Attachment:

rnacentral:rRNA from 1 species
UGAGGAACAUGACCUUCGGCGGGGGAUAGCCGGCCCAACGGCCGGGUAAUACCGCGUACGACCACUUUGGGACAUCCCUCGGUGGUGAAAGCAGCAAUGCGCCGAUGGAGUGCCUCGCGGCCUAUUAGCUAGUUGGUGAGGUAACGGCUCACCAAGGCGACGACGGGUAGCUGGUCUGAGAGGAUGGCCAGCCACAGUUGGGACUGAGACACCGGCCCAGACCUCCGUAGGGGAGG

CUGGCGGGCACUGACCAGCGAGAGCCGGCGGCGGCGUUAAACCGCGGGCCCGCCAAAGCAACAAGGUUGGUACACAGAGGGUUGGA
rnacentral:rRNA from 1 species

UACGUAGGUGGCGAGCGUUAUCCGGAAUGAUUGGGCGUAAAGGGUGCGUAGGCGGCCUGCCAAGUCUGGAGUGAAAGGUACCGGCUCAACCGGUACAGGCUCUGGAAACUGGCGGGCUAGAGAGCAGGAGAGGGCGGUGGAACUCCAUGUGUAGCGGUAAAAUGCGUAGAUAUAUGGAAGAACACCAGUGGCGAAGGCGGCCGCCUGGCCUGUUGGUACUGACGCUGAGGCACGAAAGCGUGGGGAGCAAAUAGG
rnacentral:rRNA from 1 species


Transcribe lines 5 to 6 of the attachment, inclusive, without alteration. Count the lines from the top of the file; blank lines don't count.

UACGUAGGUGGCGAGCGUUAUCCGGAAUGAUUGGGCGUAAAGGGUGCGUAGGCGGCCUGCCAAGUCUGGAGUGAAAGGUACCGGCUCAACCGGUACAGGCUCUGGAAACUGGCGGGCUAGAGAGCAGGAGAGGGCGGUGGAACUCCAUGUGUAGCGGUAAAAUGCGUAGAUAUAUGGAAGAACACCAGUGGCGAAGGCGGCCGCCUGGCCUGUUGGUACUGACGCUGAGGCACGAAAGCGUGGGGAGCAAAUAGG
rnacentral:rRNA from 1 species